To help prevent bleeding problems, doctors use caution when treating children with hemophilia. For example, when giving immunization shots that are normally given in the muscle, doctors instead inject the shots into a deep area under the skin called the subcutaneous tissue. It's important to remember that kids with hemophilia need all recommended vaccines.
Many patients with severe hemophilia prevent "bleeds" with regular clotting factor infusions (usually two or three times per week). Some young children get a central venous catheter (a hollow, soft tube) inserted surgically into a vein, which lets them get clotting factors without pain.
Caring for Kids, Age by Age
Babies and Toddlers
If your baby is diagnosed with hemophilia, put bumper pads in the crib, cushion furniture with sharp edges, and put gates across stairs to prevent falls. Bumper pads are not recommended for children in general, but an exception can be made for infants with hemophilia.
As your baby begins to crawl and walk, special knee and elbow pads can offer protection against joint bleeds. Some parents sew a pocket in the seat of their child's pants and pad it with a piece of diaper. If your house has ceramic tile or hardwood floors, consider installing carpet or buying rugs to soften the floor surface. And tape down the edges of carpets so your child doesn't trip on them.
Depending on how energetic and adventurous your toddler is, you might want to have him or her wear a helmet to protect against head injuries.
The preschool years — when children are becoming more independent — can be one of the most challenging times for kids with hemophilia and their parents. For example, a preschooler may not tell mom and dad about an injury that resulted from doing something that's not allowed (riding a bike without a helmet, jumping on the furniture, running in the house, etc.). Most kids, though, will discover that prompt treatment is better than waiting until pain and swelling become severe.
Big Kids and Teens
As children get older, it's helpful to involve them as much as possible in their own care. This can include teaching them how to give their own factor injections and having them track their treatments.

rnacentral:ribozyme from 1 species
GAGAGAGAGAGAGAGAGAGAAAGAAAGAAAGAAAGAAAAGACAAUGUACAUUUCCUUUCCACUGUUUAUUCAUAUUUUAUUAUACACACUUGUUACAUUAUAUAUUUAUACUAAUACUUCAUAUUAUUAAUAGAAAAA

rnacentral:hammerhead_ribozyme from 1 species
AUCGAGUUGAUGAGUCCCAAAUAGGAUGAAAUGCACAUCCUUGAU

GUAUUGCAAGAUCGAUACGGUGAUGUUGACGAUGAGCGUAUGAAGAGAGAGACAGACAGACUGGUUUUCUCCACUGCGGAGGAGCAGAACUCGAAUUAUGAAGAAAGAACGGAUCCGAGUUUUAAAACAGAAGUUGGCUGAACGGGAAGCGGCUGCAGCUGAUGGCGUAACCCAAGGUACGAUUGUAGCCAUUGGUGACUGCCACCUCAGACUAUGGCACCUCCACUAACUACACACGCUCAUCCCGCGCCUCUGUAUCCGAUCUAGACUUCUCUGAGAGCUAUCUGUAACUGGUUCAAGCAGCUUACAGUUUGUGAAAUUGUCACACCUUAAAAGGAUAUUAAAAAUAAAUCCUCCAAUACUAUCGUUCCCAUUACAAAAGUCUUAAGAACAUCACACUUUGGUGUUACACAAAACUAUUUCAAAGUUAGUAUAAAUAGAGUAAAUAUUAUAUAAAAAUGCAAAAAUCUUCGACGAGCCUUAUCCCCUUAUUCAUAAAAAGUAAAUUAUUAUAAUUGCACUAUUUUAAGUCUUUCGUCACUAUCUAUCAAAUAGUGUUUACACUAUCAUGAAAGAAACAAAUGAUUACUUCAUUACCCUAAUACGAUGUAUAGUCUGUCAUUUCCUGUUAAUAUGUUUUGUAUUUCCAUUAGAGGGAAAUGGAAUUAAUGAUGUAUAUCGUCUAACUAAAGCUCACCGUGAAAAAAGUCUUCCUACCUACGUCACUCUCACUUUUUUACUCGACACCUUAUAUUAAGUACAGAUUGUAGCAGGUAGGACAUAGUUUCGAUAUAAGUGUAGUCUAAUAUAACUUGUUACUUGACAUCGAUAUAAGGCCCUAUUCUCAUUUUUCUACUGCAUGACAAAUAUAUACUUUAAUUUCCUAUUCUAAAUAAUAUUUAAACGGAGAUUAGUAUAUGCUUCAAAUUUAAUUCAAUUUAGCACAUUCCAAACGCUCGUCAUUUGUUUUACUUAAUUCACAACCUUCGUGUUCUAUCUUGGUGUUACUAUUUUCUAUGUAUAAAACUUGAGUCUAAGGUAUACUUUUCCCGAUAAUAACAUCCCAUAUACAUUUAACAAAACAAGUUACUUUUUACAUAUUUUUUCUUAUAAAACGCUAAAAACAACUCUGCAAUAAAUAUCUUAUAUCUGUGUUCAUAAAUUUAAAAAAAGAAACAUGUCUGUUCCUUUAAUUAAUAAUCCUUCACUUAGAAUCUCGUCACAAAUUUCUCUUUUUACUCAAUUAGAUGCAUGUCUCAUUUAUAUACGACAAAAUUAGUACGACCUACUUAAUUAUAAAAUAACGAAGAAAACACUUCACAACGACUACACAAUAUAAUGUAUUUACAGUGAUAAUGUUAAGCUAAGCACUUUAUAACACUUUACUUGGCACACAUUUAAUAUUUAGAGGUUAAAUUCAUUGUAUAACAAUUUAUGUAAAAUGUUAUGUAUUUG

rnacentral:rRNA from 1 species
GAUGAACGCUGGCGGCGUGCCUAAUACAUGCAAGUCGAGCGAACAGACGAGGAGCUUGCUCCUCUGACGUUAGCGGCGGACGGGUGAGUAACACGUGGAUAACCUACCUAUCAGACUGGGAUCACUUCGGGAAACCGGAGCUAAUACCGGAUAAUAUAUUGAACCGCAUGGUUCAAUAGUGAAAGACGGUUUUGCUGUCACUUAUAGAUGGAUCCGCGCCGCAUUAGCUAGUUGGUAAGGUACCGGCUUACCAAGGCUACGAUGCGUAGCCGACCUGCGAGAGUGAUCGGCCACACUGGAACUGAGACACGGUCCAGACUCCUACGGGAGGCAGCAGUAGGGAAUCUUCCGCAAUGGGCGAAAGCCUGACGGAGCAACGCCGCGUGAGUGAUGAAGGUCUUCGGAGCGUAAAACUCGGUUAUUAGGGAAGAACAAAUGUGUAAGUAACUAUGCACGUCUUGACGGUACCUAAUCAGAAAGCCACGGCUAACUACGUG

Kids with hemophilia can still participate in activities, though they might have to take on a different role. For example, hemophilia might prevent kids from participating in contact sports, but they can still be a part of the team as the scorekeeper or assistant manager. Swimming, hiking, golf, and other low-impact sports are good options for kids with hemophilia.
Another option is to send them to a summer camp where they can meet other kids with hemophilia and work toward being able to give themselves clotting factor replacement therapy for a sense of control over the condition. Ask your doctor about finding a camp near you.
Ask your family members, caregivers, and your child's teachers if they would like to learn more about hemophilia by meeting with your doctor or other members of your child's care team.
Certain bleeds need medical attention. If your child develops a swollen joint, this could be a sign of bleeding in the joint, so call the doctor right away. Also, if your child gets hurt or you suspect your child has bleeding or bruising anywhere on the body, call the doctor.
If your child has a central venous line and develops a fever, call the doctor right away. This could be a sign of a central line infection.
Go to the emergency room if your child has:
an injury to the head, neck, belly, or back
bleeding that is not stopping
severe belly pain or difficulty moving
red or tea-colored urine
bloody or black poop
If the bleed requires going to the emergency room, make sure your child is treated at a hospital that has experience treating hemophilia.
Looking to the Future
Tremendous advances have been made in the treatment of hemophilia, and most patients can now lead full, healthy lives with careful management of their condition.
The development of clotting factors made in the laboratory has virtually eliminated the danger of infusion-related infection with HIV or hepatitis viruses from clotting factor replacement therapy. And regular home-based infusions have helped reduce chronic joint problems.
In the future, people with hemophilia may have access to continuous infusion of clotting factors under the skin or in pill form. Some doctors are also encouraged by research involving gene therapy.
Thanks to advances like these, kids with hemophilia can participate in more activities and have the freedom to lead more active lives.